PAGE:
Emotional Intelligence in Politics — Becoming a Maverick
I remember when I first discovered the need for empathy in politics. I was 16 years old in high school having a discussion about abortion when one of my friends, Grace, explained to me why it should be a choice whether to keep a child or not. She laid out several examples which connected me emotionally to her perspective, enabling me for the first time to actually absorb the reality that there was another viable perspective on the same political issue.
Fast forward eight years and this is now an essential part of what I do for my career as a science communicator. I have come to the complete realization that political issues are complex and in many cases suffer from human oversimplification through reductionism as well as lack of empathy and open-mindedness. How can one possibly reduce a political issue like Healthcare that has thousands of variables to either being in favor of universal care or privatized care? There are now 7.5 billion perspectives to take into account, minus the ~two billion perspectives between the ages of 0–14 that are too young to have enough life experience to make a decision on the subject matter.
“How can one possibly reduce a political issue like Healthcare that has thousands of variables to either being in favor of universal care or privatized care?”
In order to better understand this, one must be willing to ask empowering questions, show genuine empathy, and take in thousands of perspectives. Think about the last time you met someone new. Rather than asking surface level questions, take a deep dive into their life journey. Here are some of my favorite empowering questions: “What are you passionate about?”, “What impact do you want to make in the universe?”, and “What was the last thing you did that scared you?” Asking these types of questions enables stronger connection between people but it cannot be done without genuine empathy, which is best explained by LifeHacker in The Importance of Empathy.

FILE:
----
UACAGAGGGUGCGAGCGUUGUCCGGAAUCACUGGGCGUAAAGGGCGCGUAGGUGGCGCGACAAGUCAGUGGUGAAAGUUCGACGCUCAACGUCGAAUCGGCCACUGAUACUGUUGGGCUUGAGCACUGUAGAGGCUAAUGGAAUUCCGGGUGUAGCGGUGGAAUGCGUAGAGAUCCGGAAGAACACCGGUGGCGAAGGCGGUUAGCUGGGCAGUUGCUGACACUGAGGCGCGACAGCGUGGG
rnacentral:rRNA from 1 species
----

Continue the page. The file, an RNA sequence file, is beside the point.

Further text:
Understanding what life experiences led someone to their current worldview leads to cross cultural conversations that take stock of people’s specific personal and historical contexts. A crucial part of this process is recognizing the types of answers different people give, and building a more developed worldview. As an example, what do Chinese or German people think of Healthcare? What do Baby Boomers or Millennials think? What does someone with cancer or someone that’s completely healthy think of Healthcare? How do people from different descents, age groups, and life experiences approach the thousands of variables that go into making Healthcare decisions? How are their perspectives formed over time?
Doing all of this leads to becoming a maverick.
A maverick is a freethinker. A nonconformist exuding eccentric behaviors like walking down the path very few take in order to come up with novel ideas very few have thought. Their free-spirited perspectives typically form over decades of analyzing thousands of different perspectives, variables, and critically thinking to create unique solution propositions to complex political and nonpolitical issues. To maximize one’s success as a maverick, training emotional intelligence skills like empathy and open-mindedness are major keys, as is training polymath skills like wide-ranging learning.
“A maverick is a freethinker. A nonconformist exuding eccentric behaviors like walking down the path very few take in order to come up with novel ideas very few have thought.”
When we take time to slow down to understand the breadth of possible perspectives, how could we possibly be so rushed to believe our perspective is right? In the illustration above, you can see the true magnitude of how difficult it is to become a maverick by understanding thousands of perspectives and variables that go into a political issue. Mavericks challenge themselves by being comfortable with the uncomfortable. They show people vulnerability by expressing unguarded openness to another’s perspective and by being genuinely interested in learning about how this person came to believe what they do today.